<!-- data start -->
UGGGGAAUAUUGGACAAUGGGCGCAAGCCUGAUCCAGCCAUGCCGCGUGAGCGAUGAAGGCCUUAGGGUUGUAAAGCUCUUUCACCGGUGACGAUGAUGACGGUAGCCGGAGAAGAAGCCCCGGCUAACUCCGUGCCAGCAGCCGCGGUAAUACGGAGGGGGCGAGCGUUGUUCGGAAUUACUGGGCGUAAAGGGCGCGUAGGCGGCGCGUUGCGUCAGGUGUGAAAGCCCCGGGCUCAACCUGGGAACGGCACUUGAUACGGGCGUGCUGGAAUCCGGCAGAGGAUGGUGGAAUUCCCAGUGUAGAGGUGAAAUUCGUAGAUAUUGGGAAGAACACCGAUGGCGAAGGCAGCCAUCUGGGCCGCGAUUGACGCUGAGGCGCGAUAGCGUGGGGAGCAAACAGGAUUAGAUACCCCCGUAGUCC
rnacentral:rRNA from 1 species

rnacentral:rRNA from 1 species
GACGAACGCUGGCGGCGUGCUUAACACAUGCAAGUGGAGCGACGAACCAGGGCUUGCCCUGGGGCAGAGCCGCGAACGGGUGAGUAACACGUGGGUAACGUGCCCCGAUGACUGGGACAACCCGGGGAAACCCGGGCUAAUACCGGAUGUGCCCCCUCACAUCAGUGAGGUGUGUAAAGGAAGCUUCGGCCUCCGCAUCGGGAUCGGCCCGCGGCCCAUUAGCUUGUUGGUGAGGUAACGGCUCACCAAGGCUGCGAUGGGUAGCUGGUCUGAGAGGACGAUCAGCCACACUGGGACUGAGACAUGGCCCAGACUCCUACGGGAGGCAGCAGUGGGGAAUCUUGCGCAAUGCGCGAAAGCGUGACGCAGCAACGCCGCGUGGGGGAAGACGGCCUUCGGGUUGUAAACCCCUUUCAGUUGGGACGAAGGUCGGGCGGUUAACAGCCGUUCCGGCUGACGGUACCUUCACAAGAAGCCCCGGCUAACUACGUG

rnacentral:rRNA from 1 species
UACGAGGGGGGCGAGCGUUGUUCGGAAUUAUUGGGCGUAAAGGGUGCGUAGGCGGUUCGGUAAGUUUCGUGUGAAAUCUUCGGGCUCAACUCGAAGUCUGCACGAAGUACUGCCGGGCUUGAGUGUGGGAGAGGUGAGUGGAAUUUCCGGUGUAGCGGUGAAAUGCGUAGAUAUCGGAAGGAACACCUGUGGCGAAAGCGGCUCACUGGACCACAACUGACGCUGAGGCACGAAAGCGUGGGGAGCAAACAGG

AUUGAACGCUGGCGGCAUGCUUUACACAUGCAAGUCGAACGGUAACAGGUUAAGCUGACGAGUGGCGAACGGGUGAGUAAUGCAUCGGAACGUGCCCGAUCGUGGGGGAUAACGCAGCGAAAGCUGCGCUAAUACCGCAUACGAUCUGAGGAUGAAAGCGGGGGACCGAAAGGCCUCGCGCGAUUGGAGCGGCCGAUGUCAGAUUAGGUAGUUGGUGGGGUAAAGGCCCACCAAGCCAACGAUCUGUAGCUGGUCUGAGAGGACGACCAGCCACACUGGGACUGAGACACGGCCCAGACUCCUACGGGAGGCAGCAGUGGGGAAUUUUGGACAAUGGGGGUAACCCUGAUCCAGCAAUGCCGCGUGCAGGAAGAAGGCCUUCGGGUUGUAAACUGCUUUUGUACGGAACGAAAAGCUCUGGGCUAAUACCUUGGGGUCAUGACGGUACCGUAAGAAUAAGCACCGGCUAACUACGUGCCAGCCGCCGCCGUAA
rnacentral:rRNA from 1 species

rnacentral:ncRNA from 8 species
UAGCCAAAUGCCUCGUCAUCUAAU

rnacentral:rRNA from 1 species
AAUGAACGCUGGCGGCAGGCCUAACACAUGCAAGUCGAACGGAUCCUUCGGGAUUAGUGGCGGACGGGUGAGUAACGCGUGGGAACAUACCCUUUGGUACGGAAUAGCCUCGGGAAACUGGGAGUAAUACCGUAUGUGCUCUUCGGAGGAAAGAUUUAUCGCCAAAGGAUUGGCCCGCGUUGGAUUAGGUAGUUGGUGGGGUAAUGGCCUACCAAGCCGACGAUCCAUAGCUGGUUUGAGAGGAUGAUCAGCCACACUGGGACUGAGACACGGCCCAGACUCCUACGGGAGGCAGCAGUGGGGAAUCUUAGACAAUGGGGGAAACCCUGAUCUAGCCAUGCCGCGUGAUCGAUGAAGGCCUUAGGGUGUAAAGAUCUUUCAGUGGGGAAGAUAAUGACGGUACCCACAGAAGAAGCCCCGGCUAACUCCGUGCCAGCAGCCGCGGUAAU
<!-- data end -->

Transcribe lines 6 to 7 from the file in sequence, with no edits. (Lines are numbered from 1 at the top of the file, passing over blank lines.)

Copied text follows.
UACGAGGGGGGCGAGCGUUGUUCGGAAUUAUUGGGCGUAAAGGGUGCGUAGGCGGUUCGGUAAGUUUCGUGUGAAAUCUUCGGGCUCAACUCGAAGUCUGCACGAAGUACUGCCGGGCUUGAGUGUGGGAGAGGUGAGUGGAAUUUCCGGUGUAGCGGUGAAAUGCGUAGAUAUCGGAAGGAACACCUGUGGCGAAAGCGGCUCACUGGACCACAACUGACGCUGAGGCACGAAAGCGUGGGGAGCAAACAGG

AUUGAACGCUGGCGGCAUGCUUUACACAUGCAAGUCGAACGGUAACAGGUUAAGCUGACGAGUGGCGAACGGGUGAGUAAUGCAUCGGAACGUGCCCGAUCGUGGGGGAUAACGCAGCGAAAGCUGCGCUAAUACCGCAUACGAUCUGAGGAUGAAAGCGGGGGACCGAAAGGCCUCGCGCGAUUGGAGCGGCCGAUGUCAGAUUAGGUAGUUGGUGGGGUAAAGGCCCACCAAGCCAACGAUCUGUAGCUGGUCUGAGAGGACGACCAGCCACACUGGGACUGAGACACGGCCCAGACUCCUACGGGAGGCAGCAGUGGGGAAUUUUGGACAAUGGGGGUAACCCUGAUCCAGCAAUGCCGCGUGCAGGAAGAAGGCCUUCGGGUUGUAAACUGCUUUUGUACGGAACGAAAAGCUCUGGGCUAAUACCUUGGGGUCAUGACGGUACCGUAAGAAUAAGCACCGGCUAACUACGUGCCAGCCGCCGCCGUAA